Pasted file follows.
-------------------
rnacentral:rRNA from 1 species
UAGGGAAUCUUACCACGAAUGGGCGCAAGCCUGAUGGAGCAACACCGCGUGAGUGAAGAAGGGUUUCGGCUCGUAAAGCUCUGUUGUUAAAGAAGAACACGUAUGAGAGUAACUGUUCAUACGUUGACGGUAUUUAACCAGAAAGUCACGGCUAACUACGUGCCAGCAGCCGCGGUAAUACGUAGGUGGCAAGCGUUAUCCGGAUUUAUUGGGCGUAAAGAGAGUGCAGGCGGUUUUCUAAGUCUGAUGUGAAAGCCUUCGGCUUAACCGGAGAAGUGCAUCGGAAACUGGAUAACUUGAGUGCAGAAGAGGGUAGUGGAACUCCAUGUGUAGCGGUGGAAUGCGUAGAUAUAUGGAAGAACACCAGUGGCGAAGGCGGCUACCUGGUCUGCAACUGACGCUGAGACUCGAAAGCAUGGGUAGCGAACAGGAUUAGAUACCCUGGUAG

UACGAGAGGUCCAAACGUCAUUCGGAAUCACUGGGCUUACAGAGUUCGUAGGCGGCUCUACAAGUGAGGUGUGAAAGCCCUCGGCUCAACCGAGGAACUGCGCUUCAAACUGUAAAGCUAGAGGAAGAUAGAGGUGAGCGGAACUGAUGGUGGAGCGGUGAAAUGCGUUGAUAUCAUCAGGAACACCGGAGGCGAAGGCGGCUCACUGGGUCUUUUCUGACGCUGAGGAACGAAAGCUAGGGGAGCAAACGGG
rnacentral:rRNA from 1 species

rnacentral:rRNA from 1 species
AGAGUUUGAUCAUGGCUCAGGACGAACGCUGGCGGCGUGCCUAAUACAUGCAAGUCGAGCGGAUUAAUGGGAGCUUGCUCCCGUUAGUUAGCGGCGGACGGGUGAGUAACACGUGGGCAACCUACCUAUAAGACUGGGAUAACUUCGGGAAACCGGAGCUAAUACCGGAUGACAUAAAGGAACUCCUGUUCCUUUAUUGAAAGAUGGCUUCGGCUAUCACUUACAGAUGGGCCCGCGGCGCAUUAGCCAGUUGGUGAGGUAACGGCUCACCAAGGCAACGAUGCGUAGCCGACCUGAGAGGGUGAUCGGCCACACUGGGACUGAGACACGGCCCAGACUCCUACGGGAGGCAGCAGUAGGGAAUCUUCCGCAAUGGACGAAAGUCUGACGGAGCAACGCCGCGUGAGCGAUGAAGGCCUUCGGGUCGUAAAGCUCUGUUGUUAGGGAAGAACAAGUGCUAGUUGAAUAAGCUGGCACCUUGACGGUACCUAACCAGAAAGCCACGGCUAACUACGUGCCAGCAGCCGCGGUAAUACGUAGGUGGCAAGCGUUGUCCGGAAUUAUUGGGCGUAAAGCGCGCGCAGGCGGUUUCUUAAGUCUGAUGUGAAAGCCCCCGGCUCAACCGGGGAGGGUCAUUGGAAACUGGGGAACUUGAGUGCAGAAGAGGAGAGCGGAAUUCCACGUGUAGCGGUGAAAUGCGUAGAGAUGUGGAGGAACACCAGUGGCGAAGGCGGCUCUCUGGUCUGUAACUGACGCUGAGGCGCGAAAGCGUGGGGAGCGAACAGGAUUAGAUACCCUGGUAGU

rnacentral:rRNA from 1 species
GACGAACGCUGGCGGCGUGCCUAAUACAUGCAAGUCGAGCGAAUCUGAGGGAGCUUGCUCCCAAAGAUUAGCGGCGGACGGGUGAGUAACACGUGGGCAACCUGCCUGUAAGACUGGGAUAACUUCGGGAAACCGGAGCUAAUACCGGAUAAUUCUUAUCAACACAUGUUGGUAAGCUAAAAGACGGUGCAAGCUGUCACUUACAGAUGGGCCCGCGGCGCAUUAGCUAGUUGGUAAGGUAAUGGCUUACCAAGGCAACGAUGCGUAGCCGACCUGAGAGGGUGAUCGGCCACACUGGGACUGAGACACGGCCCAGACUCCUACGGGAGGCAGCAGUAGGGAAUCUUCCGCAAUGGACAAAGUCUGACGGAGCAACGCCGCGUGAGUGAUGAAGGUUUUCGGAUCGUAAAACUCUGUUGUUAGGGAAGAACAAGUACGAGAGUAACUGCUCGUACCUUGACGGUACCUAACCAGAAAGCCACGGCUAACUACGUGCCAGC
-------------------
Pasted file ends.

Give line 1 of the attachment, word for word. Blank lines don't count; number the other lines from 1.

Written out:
rnacentral:rRNA from 1 species